With respect to organisms being created on the American type in America, it might, I think, be said that they were so created to prevent them being too well created, so as to beat the aborigines; but this seems to me, somehow, a monstrous doctrine.

I have reflected a good deal on what you say on the necessity of continued intervention of creative power. I cannot see this necessity; and its admission, I think, would make the theory of Natural Selection valueless. Grant a simple Archetypal creature, like the Mud-fish or Lepidosiren, with the five senses and some vestige of mind, and I believe natural selection will account for the production of every vertebrate animal.

Farewell; forgive me for indulging in this prose, and believe me, with cordial thanks,

Your ever attached disciple,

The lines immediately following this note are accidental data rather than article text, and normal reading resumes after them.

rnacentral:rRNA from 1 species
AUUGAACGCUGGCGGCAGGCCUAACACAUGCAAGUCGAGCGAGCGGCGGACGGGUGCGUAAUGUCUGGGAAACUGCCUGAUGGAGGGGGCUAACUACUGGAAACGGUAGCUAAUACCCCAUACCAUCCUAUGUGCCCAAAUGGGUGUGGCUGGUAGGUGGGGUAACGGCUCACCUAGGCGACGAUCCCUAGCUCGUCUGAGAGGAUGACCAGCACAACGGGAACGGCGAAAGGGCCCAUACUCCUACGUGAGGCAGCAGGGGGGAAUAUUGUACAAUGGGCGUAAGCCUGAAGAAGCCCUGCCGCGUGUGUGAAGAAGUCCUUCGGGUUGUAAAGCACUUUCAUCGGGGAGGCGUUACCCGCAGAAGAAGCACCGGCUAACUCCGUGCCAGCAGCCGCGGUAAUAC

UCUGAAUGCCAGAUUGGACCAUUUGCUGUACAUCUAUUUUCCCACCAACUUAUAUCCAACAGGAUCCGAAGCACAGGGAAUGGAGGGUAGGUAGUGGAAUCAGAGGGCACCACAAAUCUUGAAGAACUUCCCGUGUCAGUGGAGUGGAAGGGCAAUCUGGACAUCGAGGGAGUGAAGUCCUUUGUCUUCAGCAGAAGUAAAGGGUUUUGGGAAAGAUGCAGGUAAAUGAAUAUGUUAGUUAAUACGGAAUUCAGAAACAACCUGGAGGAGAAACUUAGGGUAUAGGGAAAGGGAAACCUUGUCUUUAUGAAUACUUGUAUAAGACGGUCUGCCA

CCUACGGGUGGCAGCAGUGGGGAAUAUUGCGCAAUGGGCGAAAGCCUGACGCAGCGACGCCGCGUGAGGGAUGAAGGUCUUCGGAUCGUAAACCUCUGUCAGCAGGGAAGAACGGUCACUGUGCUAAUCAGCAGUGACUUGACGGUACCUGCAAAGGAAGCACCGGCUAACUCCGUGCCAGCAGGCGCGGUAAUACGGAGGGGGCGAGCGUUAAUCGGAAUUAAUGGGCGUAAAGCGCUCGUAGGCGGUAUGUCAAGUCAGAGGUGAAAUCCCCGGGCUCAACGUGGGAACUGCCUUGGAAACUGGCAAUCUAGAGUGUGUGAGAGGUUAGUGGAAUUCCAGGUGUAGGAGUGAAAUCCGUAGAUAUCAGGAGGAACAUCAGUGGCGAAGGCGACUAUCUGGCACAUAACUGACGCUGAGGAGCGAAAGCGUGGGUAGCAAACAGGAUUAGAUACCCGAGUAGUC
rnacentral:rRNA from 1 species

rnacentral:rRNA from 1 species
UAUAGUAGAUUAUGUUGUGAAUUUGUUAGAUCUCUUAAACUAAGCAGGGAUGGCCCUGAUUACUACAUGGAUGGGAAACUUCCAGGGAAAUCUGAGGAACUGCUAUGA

C. Darwin.

P.S.–When, and if, you reread, I supplicate you to write on the margin the word “expand,” when too condensed, or “not clear.” or “?.” Such marks would cost you little trouble, and I could copy them and reflect on them, and their value would be infinite to me.

My larger book will have to be wholly re-written, and not merely the present volume expanded; so that I want to waste as little time over this volume as possible, if another edition be called for; but I fear the subject will be too perplexing, as I have treated it, for general public.